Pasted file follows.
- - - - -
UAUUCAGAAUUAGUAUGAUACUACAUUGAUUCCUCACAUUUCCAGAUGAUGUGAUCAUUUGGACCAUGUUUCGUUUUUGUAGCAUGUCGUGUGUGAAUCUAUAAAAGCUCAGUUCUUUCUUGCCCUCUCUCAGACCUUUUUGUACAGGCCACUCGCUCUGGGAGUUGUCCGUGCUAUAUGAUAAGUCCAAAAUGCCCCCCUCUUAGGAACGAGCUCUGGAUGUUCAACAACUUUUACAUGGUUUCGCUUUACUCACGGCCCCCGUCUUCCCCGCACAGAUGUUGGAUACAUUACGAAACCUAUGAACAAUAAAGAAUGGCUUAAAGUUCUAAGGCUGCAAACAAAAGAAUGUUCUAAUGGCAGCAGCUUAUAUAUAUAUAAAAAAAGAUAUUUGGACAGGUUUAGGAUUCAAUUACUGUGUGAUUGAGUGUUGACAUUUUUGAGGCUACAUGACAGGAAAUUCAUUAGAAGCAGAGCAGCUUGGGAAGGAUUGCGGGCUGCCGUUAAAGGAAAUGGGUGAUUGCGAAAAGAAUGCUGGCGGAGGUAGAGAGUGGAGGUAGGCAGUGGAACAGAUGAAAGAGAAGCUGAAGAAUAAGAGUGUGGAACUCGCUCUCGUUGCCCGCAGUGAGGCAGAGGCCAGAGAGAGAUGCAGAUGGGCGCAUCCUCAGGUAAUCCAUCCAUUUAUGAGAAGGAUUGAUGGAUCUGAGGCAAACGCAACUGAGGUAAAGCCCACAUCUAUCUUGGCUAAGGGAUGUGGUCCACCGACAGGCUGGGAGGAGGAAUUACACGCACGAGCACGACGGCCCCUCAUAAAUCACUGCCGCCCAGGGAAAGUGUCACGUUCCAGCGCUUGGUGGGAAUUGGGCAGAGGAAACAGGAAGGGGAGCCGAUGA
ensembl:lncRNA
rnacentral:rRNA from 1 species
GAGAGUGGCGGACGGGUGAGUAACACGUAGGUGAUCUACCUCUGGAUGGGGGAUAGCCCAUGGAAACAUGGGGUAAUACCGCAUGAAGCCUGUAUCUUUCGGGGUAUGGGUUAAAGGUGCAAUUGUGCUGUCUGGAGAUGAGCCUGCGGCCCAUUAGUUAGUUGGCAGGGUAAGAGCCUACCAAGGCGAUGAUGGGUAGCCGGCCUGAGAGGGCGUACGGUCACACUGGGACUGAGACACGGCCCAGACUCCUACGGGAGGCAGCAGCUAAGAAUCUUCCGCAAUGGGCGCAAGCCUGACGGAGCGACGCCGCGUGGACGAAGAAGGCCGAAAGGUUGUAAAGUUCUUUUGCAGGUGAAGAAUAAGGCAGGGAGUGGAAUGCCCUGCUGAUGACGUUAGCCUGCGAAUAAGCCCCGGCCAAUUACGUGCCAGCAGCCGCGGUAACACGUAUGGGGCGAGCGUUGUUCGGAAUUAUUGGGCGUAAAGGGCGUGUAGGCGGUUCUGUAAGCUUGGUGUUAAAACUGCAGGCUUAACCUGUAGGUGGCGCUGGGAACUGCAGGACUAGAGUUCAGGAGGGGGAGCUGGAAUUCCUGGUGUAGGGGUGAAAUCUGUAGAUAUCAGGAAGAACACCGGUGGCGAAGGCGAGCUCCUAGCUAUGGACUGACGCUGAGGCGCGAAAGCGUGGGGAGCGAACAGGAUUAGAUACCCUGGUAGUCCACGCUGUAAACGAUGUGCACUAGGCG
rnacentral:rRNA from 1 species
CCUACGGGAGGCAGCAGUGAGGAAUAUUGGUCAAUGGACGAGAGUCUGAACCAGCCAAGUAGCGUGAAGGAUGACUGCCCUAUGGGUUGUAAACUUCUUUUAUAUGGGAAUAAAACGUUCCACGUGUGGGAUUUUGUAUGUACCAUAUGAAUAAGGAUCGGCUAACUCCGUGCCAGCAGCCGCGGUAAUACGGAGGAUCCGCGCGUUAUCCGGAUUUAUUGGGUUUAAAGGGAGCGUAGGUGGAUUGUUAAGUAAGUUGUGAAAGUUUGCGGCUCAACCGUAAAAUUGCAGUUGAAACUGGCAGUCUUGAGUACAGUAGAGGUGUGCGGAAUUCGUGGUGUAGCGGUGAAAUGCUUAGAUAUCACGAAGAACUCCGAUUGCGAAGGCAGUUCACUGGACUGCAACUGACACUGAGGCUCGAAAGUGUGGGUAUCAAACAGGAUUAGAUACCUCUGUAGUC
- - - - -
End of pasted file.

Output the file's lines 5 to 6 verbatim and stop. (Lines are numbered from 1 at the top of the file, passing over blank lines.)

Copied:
rnacentral:rRNA from 1 species
CCUACGGGAGGCAGCAGUGAGGAAUAUUGGUCAAUGGACGAGAGUCUGAACCAGCCAAGUAGCGUGAAGGAUGACUGCCCUAUGGGUUGUAAACUUCUUUUAUAUGGGAAUAAAACGUUCCACGUGUGGGAUUUUGUAUGUACCAUAUGAAUAAGGAUCGGCUAACUCCGUGCCAGCAGCCGCGGUAAUACGGAGGAUCCGCGCGUUAUCCGGAUUUAUUGGGUUUAAAGGGAGCGUAGGUGGAUUGUUAAGUAAGUUGUGAAAGUUUGCGGCUCAACCGUAAAAUUGCAGUUGAAACUGGCAGUCUUGAGUACAGUAGAGGUGUGCGGAAUUCGUGGUGUAGCGGUGAAAUGCUUAGAUAUCACGAAGAACUCCGAUUGCGAAGGCAGUUCACUGGACUGCAACUGACACUGAGGCUCGAAAGUGUGGGUAUCAAACAGGAUUAGAUACCUCUGUAGUC